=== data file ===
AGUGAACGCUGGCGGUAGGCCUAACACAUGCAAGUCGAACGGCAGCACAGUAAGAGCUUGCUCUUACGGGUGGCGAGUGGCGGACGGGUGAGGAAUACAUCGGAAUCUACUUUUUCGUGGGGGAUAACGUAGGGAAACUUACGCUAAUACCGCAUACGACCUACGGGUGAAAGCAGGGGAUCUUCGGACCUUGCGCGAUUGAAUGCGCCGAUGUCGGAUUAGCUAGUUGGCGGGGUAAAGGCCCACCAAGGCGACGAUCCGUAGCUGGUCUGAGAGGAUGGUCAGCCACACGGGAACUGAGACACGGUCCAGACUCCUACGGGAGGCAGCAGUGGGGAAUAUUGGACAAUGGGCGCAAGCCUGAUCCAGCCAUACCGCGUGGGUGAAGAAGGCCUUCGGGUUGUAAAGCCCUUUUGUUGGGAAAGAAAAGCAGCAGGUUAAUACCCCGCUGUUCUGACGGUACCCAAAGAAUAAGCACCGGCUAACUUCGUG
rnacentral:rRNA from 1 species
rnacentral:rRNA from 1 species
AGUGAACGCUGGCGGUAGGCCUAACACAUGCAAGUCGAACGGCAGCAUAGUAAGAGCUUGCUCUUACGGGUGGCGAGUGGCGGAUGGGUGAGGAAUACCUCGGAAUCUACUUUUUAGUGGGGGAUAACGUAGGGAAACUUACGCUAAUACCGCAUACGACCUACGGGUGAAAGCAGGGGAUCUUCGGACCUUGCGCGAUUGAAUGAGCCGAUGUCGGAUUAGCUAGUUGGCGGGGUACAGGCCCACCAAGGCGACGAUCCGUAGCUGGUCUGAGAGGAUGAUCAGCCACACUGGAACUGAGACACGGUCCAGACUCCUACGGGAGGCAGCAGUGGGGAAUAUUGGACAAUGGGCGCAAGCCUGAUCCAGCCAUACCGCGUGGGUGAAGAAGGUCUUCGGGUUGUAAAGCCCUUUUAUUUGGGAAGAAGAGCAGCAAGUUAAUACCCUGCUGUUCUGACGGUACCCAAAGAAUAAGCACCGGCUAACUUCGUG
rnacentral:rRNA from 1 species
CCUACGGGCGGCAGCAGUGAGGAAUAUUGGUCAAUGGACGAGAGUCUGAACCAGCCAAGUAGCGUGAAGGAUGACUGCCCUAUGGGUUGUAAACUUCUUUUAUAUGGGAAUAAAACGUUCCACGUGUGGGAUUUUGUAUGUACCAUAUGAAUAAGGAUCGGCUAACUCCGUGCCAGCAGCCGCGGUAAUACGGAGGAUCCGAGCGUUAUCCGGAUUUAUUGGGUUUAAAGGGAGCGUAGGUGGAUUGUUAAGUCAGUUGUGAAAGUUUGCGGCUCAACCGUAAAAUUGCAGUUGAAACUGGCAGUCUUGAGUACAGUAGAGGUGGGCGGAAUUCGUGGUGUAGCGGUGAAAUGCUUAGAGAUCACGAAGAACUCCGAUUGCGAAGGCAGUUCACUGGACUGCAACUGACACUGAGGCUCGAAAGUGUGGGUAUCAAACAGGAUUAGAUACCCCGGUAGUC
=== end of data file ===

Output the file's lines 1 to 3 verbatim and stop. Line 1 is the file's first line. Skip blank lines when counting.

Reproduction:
AGUGAACGCUGGCGGUAGGCCUAACACAUGCAAGUCGAACGGCAGCACAGUAAGAGCUUGCUCUUACGGGUGGCGAGUGGCGGACGGGUGAGGAAUACAUCGGAAUCUACUUUUUCGUGGGGGAUAACGUAGGGAAACUUACGCUAAUACCGCAUACGACCUACGGGUGAAAGCAGGGGAUCUUCGGACCUUGCGCGAUUGAAUGCGCCGAUGUCGGAUUAGCUAGUUGGCGGGGUAAAGGCCCACCAAGGCGACGAUCCGUAGCUGGUCUGAGAGGAUGGUCAGCCACACGGGAACUGAGACACGGUCCAGACUCCUACGGGAGGCAGCAGUGGGGAAUAUUGGACAAUGGGCGCAAGCCUGAUCCAGCCAUACCGCGUGGGUGAAGAAGGCCUUCGGGUUGUAAAGCCCUUUUGUUGGGAAAGAAAAGCAGCAGGUUAAUACCCCGCUGUUCUGACGGUACCCAAAGAAUAAGCACCGGCUAACUUCGUG
rnacentral:rRNA from 1 species
rnacentral:rRNA from 1 species